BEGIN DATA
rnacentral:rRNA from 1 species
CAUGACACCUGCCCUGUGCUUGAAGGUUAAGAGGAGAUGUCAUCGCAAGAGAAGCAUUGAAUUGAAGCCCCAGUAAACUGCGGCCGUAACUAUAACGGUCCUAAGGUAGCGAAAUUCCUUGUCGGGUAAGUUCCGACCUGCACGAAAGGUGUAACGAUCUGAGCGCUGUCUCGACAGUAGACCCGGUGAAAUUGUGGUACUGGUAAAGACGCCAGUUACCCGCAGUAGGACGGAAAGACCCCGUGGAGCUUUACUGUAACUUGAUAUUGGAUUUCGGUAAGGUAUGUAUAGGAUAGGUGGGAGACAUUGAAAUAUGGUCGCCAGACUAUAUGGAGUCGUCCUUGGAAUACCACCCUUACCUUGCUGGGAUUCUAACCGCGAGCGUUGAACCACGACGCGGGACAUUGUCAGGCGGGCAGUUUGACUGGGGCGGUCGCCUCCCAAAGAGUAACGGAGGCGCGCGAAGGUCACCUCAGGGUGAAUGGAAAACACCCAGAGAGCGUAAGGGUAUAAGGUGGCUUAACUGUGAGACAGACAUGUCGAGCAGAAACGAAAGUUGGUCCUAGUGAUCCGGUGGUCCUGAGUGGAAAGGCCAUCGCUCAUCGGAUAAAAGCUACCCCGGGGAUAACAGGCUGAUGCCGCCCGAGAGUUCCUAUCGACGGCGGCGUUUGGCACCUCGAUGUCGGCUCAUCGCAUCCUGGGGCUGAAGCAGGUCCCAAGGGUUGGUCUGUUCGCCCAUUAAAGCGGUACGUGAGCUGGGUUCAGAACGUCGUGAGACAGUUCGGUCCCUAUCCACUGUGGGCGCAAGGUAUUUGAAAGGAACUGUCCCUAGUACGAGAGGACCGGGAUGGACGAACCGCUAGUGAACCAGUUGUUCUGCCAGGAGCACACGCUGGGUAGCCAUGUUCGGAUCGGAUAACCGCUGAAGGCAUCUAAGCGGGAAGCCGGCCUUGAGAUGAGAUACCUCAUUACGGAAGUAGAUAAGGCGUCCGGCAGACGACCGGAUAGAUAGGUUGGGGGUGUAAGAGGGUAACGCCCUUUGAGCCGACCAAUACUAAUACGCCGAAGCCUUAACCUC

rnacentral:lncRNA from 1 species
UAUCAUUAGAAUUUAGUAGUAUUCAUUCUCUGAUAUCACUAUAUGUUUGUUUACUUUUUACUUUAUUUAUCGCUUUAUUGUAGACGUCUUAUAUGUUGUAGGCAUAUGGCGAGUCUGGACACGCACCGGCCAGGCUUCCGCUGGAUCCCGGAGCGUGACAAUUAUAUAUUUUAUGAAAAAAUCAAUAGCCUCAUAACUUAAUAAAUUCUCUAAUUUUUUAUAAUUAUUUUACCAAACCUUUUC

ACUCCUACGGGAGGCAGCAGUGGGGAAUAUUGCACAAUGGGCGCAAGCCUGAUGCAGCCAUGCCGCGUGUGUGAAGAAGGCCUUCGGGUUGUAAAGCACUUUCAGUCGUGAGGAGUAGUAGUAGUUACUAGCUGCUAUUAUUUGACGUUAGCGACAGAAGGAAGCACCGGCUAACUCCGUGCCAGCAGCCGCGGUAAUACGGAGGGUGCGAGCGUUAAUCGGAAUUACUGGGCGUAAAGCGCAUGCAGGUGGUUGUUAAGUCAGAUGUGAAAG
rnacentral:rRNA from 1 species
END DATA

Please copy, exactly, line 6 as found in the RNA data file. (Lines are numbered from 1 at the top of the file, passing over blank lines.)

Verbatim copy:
rnacentral:rRNA from 1 species